Food Policy

Food policy provides a framework around how the food system impacts and is influenced by individuals, public agencies, businesses, institutions and communities. BFPI works on food policy at all levels that impact Baltimore residents, from changing practices within organizations and institutions, to changing regulations at a city level, to advocating on legislation at a state and federal level.

To learn more about the priorities and policies of BFPI, click here.


City

Personal Property Tax Credits – Food Desert Incentive Areas

Created the concept of a Food Desert Retail Incentive Area, with a personal property tax credit as the first incentive. This bill grants personal property tax credits to supermarkets that locate or renovate in Food Desert Retail Incentive Areas and meet certain requirements for the amount of healthy food they provide. BFPI created 14 food environment maps by city council district to inform Council Members on food deserts, food retail, food assistance and locally grown activities. After enabling language was passed at the state level in 2015, City Council unanimously supported this administrative bill, which went into effect on January 31st, 2016. The tax credit is implemented by the Baltimore Development Corporation.

Incentivizing CSA Participation (2014)

Worked with leadership of the Baltimore City Managerial and Professional Society (MAPS) and the Labor Commissioner to allow CSAs as an approved use of the existing Health Reimbursement Policy. Now, MAPS City employees can be reimbursed up to $250 for participating in a CSA.

Baltimore City School District Wellness, Nutrition, and Physical Activity Policy (2015)

Worked with Food Nutrition Services and provided recommendations specifically to address the sections of the policy on nutrition standards, meal time climate and school gardens.

Healthy Vending Machine Procurement Policy (2015)

Conducted a best practices report on model vending procurement policies and presented to the Health Department’s Cross Agency Taskforce who then identified healthy vending machine policy as a priority, leading to the city’s first healthy vending machine contract in November 2015.

Farmers Market Permit

BFPI worked with partner agencies to simplify the application process for farmers markets in order to promote markets and increase access to fresh farm products. In 2015, The Department of General Services and Housing created a one stop shop for farmers market managers to receive market permits through a streamlined process. This, in conjunction with a simpler format Health Department application adopted in 2013, is intended to make it easier for market managers to apply each season.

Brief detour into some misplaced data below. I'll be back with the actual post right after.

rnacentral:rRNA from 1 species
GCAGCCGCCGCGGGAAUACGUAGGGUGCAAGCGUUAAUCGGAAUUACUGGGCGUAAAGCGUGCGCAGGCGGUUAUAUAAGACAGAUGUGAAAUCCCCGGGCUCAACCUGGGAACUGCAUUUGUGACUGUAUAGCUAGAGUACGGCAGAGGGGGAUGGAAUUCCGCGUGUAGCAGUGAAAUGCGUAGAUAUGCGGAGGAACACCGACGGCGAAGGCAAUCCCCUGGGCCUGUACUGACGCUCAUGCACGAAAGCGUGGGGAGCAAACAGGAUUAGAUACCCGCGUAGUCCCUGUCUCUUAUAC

Food Truck Legislation

BFPI assisted in drafting the rules and regulations for new mobile food vending legislation in 2014. The rules are intended to create a more structured system, while encouraging entrepreneurship through small food businesses.

Animal Husbandry Regulations

In 2012 and 2013, BFPI and the Office of Sustainability worked with the Health Department and interested citizens to craft regulation that better support urban agriculture. Today, Baltimore residents can keep chickens, bees, rabbits, and dwarf, miniature, and pygmy goats. Read the full regulations.

Zoning Regulations

In 2010, the Baltimore City Building Code was updated to exempt hoop houses (shade cloth or plastic film structures constructed for nursery or agricultural purposes) from the need to acquire building permits before their erection. This aligns Baltimore‘s Building Code with the International Construction Code. Hoop houses are commonly used on urban farms to extend the growing season, and this change to the building code removes one potential barrier to the expansion of urban agricultural activities.


State

Extending SNAP Issuance Period

Food retailers cite that a primary barrier to doing business in Baltimore is that SNAP benefits are only issued over a ten day period. This creates a highly concentrated business cycle during the first two weeks after issuance, and slow business during the next two weeks each month. BFPI is working closely with the Maryland Department of Human Resources to extend the number of days SNAP is issued from 10 to 20 to smooth retail cycles and ensure that stores that serve SNAP customers can continue to operate effectively.